Bitter in its typical corporate way over the failure of an expensive new technology to find a substantial number of buyers, General Motors would not offer airbags again until the 1988 model year. At that point, driver’s side airbags were offered an option in Oldsmobile’s Delta 88 Royale sedans and coupes. By then, GM was no longer a leader in technology or safety.

Interestingly, the seventies General Motors airbags turned out to be very well built, with substantial longevity. In 1993, the Insurance Institute for Highway Safety crash-tested two of the original 1973 Chevrolet fleet cars. Both cars had over 100,000 miles and were in bad shape otherwise, but all four airbags worked perfectly.

Unexpected Sources: The Secret Lives of Color

One of the things that has surprised me as I work to write the Riviera Project is the varied sources I’m working with—and not just the usual automotive-centric ones. One of these unexpected sources is The Secret Lives of Color by Kassia St. Clair.

This beautifully laid out little book carefully treats the histories of 75 separate colors, among them Avocado, Gold, Indigo, Taupe, and Violet. It also includes an extensive preface which discusses how we see different shades, the history of artists and pigments, and other topics around color.

I’m using The Secret Lives of Color to get some overall idea of the history of various individual colors and color theory itself. This information provides context for the Buick Riviera’s often spectacular exterior paint colors, which include Seafoam Green, Aqua Mist, Sunset Sage, Medium Sand Gray Firemist, and Dark Jadestone Metallic.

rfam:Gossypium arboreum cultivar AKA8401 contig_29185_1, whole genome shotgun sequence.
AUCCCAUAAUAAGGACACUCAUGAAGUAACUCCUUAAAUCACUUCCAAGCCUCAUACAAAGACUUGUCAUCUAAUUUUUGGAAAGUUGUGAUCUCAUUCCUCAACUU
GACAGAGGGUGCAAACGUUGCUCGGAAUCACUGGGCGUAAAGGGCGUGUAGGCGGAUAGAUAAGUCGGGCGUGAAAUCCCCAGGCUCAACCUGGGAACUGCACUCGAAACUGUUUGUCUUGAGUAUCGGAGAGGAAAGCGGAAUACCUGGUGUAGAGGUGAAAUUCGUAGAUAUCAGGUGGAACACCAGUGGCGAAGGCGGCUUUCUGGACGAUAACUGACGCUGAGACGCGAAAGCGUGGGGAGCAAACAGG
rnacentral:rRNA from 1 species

The Secret Lives of Color is available in a hardback from many sources, including Amazon and Barnes & Noble. It is one book I would definitely suggest getting in paper form—making sure the colors were accurate for it was likely demanding.

35,000 Words and Nowhere Near Completion

I recently passed 35,000 words on the Riviera Project, and with that came the realization that I am nowhere near complete. Looking from the current 36,700 words and 112 pages, I can estimate that completion looks like at least 43,300 words and 132 pages—and likely more.

1966 Riviera brochure picture

Progress is undoubtedly being made; I’ve gotten a lot of work done on the chapter that covers the second-generation cars that were sold in the 1966 through 1970 model years. These interesting cars were very popular when new, with almost a quarter of a million sold over five years. I secured a scenic ride in a 1968 last year at the Riviera Owners Association International Meet in Gettysburg, PA, and came away quite impressed.